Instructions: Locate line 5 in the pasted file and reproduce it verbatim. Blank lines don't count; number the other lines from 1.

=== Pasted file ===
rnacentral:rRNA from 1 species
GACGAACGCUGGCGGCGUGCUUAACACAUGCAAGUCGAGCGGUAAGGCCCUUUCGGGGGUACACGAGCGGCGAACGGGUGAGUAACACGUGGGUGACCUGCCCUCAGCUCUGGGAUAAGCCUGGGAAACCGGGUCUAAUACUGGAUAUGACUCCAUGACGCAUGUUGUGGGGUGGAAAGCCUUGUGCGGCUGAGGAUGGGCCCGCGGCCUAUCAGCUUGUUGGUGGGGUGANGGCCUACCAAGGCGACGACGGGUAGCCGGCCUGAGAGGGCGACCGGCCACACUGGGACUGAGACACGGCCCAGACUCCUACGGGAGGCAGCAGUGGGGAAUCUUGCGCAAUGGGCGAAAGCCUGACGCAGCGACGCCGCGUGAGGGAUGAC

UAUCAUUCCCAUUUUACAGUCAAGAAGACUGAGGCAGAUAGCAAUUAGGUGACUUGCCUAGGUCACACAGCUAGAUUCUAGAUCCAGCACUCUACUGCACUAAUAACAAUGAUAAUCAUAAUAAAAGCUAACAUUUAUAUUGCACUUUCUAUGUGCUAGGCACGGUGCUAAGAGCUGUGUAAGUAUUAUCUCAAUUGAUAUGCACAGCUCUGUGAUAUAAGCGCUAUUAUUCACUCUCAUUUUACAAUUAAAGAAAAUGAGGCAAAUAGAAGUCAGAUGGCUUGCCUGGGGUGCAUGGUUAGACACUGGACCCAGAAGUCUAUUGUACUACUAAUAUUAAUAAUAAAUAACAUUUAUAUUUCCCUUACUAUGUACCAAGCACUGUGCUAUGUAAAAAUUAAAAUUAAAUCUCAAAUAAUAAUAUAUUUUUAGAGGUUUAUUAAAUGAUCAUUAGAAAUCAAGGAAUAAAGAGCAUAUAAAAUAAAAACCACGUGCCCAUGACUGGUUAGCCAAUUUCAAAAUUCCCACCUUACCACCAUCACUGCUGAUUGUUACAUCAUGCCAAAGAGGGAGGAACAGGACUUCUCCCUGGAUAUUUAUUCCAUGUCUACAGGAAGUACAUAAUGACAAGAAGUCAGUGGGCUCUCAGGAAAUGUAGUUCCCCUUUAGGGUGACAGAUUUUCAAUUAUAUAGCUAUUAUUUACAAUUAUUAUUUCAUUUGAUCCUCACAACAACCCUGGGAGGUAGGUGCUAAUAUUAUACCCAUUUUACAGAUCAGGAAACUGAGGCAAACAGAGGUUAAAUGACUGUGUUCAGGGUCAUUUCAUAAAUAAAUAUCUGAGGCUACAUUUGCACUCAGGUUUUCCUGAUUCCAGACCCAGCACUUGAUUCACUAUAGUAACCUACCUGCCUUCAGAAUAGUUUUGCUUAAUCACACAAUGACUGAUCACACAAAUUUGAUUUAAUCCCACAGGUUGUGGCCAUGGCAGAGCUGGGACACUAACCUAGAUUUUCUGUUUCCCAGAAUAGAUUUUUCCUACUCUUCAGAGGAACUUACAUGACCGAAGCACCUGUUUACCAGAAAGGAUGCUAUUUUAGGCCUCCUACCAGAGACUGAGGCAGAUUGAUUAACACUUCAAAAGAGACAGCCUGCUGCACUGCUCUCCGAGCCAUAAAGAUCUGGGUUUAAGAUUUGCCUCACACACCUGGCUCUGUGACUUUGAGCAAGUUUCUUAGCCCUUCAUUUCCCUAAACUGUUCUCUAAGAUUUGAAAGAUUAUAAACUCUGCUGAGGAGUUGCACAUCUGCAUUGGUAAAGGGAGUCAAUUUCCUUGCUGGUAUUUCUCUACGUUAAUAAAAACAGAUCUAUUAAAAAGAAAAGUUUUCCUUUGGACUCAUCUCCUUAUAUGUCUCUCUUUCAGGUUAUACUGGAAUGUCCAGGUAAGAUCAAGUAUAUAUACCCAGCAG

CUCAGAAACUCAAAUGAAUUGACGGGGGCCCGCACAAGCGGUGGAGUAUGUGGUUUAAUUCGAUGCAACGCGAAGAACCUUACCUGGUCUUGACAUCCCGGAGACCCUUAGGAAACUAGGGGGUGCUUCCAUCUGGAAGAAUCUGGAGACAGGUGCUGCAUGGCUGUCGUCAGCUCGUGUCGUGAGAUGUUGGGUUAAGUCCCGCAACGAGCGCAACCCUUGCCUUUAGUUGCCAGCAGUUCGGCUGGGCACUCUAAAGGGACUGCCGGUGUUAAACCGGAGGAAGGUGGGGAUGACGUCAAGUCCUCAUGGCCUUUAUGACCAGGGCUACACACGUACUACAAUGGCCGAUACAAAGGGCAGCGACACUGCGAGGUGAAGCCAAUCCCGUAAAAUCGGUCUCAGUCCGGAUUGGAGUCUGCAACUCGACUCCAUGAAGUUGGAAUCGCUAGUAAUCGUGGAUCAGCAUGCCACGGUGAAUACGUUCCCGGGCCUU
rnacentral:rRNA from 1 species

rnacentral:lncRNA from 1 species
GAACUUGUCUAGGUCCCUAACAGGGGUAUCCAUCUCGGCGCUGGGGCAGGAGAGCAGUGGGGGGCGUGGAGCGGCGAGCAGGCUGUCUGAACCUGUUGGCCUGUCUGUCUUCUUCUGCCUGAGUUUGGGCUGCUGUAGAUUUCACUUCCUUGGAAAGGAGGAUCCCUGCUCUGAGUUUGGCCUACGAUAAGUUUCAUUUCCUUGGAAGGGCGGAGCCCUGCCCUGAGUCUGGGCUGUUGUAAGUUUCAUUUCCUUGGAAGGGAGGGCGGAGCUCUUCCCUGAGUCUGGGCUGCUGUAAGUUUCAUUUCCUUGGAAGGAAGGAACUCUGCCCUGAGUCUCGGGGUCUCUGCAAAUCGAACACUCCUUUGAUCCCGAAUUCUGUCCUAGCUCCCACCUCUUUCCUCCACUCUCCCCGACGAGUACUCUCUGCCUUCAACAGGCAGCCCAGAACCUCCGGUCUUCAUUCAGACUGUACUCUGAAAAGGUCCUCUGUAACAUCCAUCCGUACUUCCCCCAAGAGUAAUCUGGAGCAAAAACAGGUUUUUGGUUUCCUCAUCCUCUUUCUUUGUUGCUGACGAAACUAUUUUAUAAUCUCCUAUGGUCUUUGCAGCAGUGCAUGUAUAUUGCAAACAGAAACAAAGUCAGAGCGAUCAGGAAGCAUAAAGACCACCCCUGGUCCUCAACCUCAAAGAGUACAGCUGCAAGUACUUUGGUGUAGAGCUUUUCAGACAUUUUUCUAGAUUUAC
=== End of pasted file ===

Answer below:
rnacentral:rRNA from 1 species